Someone asked me how my blog and newspaper column came to be titled "Bleachers Brew". It's like this, it's an amalgam of sorts of two things: The bleachers area in the stadium/arena where I used to sit when I would watch baseball, football, and basketball games and Miles Davis' great jazz album Bitches Brew. That's how it got culled together. I originally planned on calling it "The View from the Big Chair" that is a nod to Tears For Fear's second album, Songs from the Big Chair. So there.

Friday, October 31, 2014

For Kobe Bryant, he should learn from NBA history.

This appears on the NBA Philippines website

For Kobe Bryant, he should learn from NBA history.
by rick olivares

Just opening night for the new NBA season and there are fireworks, game-winning buzzer-beaters, affirmations of contenders status and reminders of who are works in progress.

The one that takes the cake is that argument between the Los Angeles Lakers’ Kobe Bryant and the Houston Rockets’ Dwight Howard. With 7:07 left in the match and the Rockets ahead by 25 points, Howard pulled down a defensive rebound while Bryant tried to poke the ball away. The two stood for a few seconds with Kobe poking with Dwight trying to clear space until he nailed the Laker guard with an elbow immediately earning a technical foul. As officials and teammates separated the two, Kobe jawed at Howard and called him “soft” and urged him to “try me.”

While Howard “started” it, it is but the latest in a PDD (Public Display of Dislike) by the two and that had me thinking of an article where Henry Abbott cited anonymous sources about players refusing to play alongside Bryant for his reputation of fighting and putting down teammates. That came barely a day or two after he was ranked at the NBA’s 40th best player by ESPN that prompted Bryant to call the media network as a bunch of “idiots.”

While I may not agree with the ranking, if Howard was said to have an opportunity to take the high road in that scrum with Bryant, Kobe also had the opportunity to do the same. Instead, as Lakers beat reporter Ramona Shelburne Tweeted, “(Recently retired New York Yankees star Derek) Jeter never made a “second story.” Never added logs to the fire. Kobe tries the same but can’t help say something interesting.”

And, “Reading through @kobebryant quotes tonight shows diff between him and Jeter (to whom he’s oft compared – aging legend, iconic franchise).”

As everything unfolded with Kobe backtracking somewhat and saying it was merely “trash talking,” I thought of Michael Jordan and how his career went from being bookended with the shot at North Carolina and the shot at Chicago to being cut at Laney and being cut at Washington which is actually his last act as a NBA player.

In his final season with the Washington Wizards, he alienated every single player that no one gave him a send-off. Michael Leahy chronicled that final year with the Wizards in the unflattering book, “When Nothing Else Matters.” I’d say that goes hand-in-hand with Sam Smith’s “The Jordan Rules” the first book to demystify Jordan.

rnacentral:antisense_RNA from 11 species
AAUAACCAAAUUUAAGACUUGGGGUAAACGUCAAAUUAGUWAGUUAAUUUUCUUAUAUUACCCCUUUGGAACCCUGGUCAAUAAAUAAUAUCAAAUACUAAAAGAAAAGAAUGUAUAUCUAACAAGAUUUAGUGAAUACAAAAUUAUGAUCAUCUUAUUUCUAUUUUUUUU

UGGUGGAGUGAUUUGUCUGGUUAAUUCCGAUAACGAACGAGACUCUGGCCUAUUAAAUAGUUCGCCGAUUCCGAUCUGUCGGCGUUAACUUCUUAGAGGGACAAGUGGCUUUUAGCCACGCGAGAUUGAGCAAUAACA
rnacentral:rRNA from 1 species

Kobe, who makes no bones about His Airness as his basketball idol should learn from that. Despite what is a Hall of Fame career and one that will see him named as one of the ten best NBA players of all time, Bryant is headed down Jordan’s road. In fact, he is one of the most polarizing players ever to lace up a pair of sneakers.

The 1998 NBA All-Star game foreshadowed Bryant’s career. In what was then believed to be Jordan’s last in the mid-season classic, Kobe waved off screens and teammates to take on Jordan and took the most shots from the Western Conference squad. Not a few basketball analysts point to this episode as a portent of what was to come – taking a volume of shots and putting himself above the team.

Kobe’s response to criticism has shocking and infuriating. In a game against the Sacramento Kings in 2004, he took one shot in the entire first half after LA coach Phil Jackson pointed out that he shoots too much at the expense of the team. That prompted then teammate Gary Payton to ask before the next game, “Are you going to play or not?”

Incredibly, he did it again. During Game 7 of the First Round match up with the phoenix Suns during the 2006 playoffs, Bryant took only three shots in the second half. It is seen as not only quitting on his team that lost a 3-1 series lead but also his petulance when criticized for taking too many shots.  

Earlier this 2014, he was in the center of a social media storm when he ruffled feathers about the Trayvon Martin case. That also didn’t endear him to LeBron James who could have joined the Lakers but opted to return to Cleveland after his contract with the Miami Heat ended.

For the record, I am a fan of both Jordan and Bryant. But it is tough being a fan of both. I still cringe when I think of or even see video of the Black Cat’s Hall of Fame speech. Hopefully, Bryant doesn’t do the same.

Bryant’s days on the hardcourt are numbered. I’d rather he just let his game do the talking. And if anything, he should be grateful that he is back and unlike teammate Steve Nash, whose body has betrayed him to the point where his acquisition by the Lakers is seen as one of the worst in league history (only because he didn’t play too much due to injury), he has the opportunity to go out on his terms.

Now if he only doesn’t add more logs to the fire.

No comments:

Post a Comment